Restaurant Details

Spring Trees (早春二月)
100 Carlton Gore Road, Newmarket, Auckland
(09) 302 0465

According to their business card, they also have a satellite branch at Unit 13, 16 Gooch Place, Meadowland, Auckland, (09) 533 5008.

Saturday, April 4, 2015

Homemade Sourdough Hot Cross Buns

Ever since I was gifted some sourdough starter many months ago, I have kept it barely alive in my fridge, baking the odd bread, and making many more sourdough crumpets than I needed. (If you have ever tried making sourdough before, you will know the starter gets out of hand very quickly, since every time you feed it flour and water, you are doubling its volume.)

Naturally, when Easter rolled around and I thought about baking hot cross buns, I looked around for a sourdough recipe. Apart from needing to use up starter again, you can't buy sourdough hot cross buns in many places, and I was keen to taste them fresh from the oven. It's just as well we have public holidays right now, because they took quite some time to make, but the end results were delicious, if I do so say myself!

Homemade sourdough hot cross buns.

Here are some snaps from the bun making process. I settled on Kresha Faber's recipe on Nourishing Joy, simply because the photo of her creations looked so amazing.

I was lazy and pulled the starter straight out of the fridge, rather than feeding it again to make sure it was at optimum health. It had bubbled out of the jar a couple of days earlier, and I didn't really need twice as much batter again!

Sourdough starter with not as many bubbles as earlier.

The dough was supposed to come out sticky, but mine was getting dry, so I stopped adding flour, and even added a bit of water back in.

Combining the starter with the other ingredients for the dough.

Rather than making 24 hot cross buns of the same type, I divided the dough in half, and replaced the raisins with chocolate bits in one half. The pictures below are of the raisin ones though. Adding the butter made it beautifully soft.

Half of dough, with raisins and fruit peel mixed in.

After a couple of rounds of resting, the dough hadn't grown much, and I was worried that my buns would turn out to be dense bricks. However, I went ahead and shaped the dough into balls and placed them into buttered pans anyway.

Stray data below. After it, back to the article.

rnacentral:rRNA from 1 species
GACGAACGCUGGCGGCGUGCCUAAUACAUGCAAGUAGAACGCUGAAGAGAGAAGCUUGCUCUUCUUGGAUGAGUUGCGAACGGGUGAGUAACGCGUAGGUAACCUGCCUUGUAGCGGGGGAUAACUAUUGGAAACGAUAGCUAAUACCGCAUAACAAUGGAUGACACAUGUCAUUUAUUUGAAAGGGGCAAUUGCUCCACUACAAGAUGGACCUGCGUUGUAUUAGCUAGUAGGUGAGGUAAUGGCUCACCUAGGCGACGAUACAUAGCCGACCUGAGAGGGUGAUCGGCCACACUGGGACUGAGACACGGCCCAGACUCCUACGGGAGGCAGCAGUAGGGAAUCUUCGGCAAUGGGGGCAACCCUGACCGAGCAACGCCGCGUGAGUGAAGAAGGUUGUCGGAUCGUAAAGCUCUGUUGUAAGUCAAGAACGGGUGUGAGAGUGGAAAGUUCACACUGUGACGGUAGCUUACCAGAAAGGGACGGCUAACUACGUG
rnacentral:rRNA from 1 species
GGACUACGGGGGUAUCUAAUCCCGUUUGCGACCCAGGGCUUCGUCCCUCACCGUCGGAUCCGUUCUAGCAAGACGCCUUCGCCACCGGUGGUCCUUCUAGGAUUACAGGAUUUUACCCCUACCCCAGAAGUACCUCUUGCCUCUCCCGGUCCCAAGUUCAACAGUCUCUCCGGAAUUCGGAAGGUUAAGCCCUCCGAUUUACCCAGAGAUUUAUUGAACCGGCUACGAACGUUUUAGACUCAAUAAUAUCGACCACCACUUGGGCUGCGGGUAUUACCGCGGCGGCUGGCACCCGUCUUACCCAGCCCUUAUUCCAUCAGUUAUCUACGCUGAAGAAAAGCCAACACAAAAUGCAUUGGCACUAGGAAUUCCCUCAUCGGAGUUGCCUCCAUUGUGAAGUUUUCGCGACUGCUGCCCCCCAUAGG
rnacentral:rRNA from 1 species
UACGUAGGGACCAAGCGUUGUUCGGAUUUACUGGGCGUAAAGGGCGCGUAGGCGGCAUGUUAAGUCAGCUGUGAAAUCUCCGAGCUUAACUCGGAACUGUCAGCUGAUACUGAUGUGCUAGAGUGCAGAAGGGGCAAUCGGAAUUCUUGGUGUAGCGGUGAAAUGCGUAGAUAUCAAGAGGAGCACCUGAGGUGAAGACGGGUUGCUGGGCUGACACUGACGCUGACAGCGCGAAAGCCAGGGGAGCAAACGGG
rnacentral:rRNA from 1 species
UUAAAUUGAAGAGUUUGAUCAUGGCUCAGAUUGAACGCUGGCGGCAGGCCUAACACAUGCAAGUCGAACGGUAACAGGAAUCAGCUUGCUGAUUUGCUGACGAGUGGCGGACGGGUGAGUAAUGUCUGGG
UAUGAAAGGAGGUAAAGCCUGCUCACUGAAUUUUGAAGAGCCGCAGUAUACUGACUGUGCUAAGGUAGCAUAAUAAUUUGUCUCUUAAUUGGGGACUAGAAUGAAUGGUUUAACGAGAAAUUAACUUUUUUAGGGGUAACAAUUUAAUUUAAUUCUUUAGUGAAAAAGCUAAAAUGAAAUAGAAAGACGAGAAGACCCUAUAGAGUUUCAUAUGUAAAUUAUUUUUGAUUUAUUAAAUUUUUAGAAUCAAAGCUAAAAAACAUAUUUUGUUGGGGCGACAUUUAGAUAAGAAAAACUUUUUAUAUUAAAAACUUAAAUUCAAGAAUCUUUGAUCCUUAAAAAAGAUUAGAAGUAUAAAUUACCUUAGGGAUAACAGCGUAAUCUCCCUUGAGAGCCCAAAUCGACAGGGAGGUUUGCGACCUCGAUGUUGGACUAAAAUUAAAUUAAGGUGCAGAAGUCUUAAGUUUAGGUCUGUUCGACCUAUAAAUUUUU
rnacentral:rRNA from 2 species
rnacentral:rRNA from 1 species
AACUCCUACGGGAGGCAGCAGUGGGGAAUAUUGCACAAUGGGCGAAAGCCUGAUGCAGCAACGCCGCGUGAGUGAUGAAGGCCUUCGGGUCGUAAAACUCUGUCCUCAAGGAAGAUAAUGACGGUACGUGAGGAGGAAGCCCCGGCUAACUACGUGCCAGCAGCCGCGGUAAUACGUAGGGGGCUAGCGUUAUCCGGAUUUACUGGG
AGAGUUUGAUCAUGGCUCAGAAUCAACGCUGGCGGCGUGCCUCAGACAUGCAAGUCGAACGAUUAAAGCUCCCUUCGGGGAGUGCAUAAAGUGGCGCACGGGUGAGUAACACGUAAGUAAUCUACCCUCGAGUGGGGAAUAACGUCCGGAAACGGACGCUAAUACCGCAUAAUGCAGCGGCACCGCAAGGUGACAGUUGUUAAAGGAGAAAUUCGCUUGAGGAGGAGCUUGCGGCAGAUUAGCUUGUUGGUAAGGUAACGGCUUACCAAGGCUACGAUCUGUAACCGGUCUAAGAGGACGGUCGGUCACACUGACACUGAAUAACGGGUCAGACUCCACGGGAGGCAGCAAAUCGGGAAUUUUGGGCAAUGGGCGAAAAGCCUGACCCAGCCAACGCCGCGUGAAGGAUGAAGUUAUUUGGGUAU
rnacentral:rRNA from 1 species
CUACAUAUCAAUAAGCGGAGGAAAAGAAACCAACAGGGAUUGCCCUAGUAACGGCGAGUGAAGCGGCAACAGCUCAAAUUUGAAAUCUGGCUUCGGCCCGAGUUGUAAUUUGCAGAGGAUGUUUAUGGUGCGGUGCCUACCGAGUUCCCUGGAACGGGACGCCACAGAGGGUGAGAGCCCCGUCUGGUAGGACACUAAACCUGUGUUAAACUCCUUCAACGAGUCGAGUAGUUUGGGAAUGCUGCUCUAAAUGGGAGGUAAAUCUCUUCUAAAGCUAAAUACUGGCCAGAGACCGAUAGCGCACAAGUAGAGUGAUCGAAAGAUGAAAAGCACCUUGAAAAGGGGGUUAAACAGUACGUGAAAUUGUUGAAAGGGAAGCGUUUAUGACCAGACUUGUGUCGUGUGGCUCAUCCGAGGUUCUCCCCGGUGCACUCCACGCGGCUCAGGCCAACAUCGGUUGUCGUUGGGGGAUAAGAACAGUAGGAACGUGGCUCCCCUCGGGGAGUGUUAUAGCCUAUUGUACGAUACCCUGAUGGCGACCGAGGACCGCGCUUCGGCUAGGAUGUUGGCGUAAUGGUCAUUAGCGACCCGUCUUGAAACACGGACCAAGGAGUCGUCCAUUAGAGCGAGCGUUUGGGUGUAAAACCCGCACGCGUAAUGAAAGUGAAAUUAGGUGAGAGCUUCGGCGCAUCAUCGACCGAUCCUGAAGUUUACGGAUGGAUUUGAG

Half of dough shaped into 12 balls.

To help the process along, I placed a piece of cling film (dusted with flour) over each tray and let the balls rise in the warmth of our hot water cupboard for 4 hours. They started nudging up against each other.

Dough after 4 hours in the hot water cupboard.

The recipe didn't specify how to make the crosses, so I followed the instructions from another recipe, this time from Paul Hollywood in the Good Food magazine. Unfortunately, I took "about 5 tbsp water" to mean exactly that much, and I ended up with a stiff batter that was very difficult to pipe. The crosses also came out quite hard after baking.

Buns piped with crosses.

The bread came out of the oven with a golden crust, looking a bit dry...

Hot cross buns after baking.

... but brushing on the glaze (I had no orange juice, so just thinned honey with a little bit of water) caused the crust make crackling noises and look a whole lot more appealing.

Hot cross buns after glazing.

I am used to supermarket hot cross buns being completely soft, but I enjoyed my own flavourful rolls with a crackly crust more, especially when hot and fresh. The bread was soft on the inside, and beautifully fragrant with lashings of butter.

Enjoying my hot cross buns.

This recipe made quite a few buns, so even though I gave half away, I may have to turn the rest into bread and butter pudding when they get stale. If you didn't want the buns to stick together, you would need to leave more space between them, so you could consider halving all the ingredients. To make them even better, I would be tempted to try using a more custardy recipe for the crosses next time, like in Ima's ones. Having said that, my first batch of hot cross buns exceeded my expectations anyway!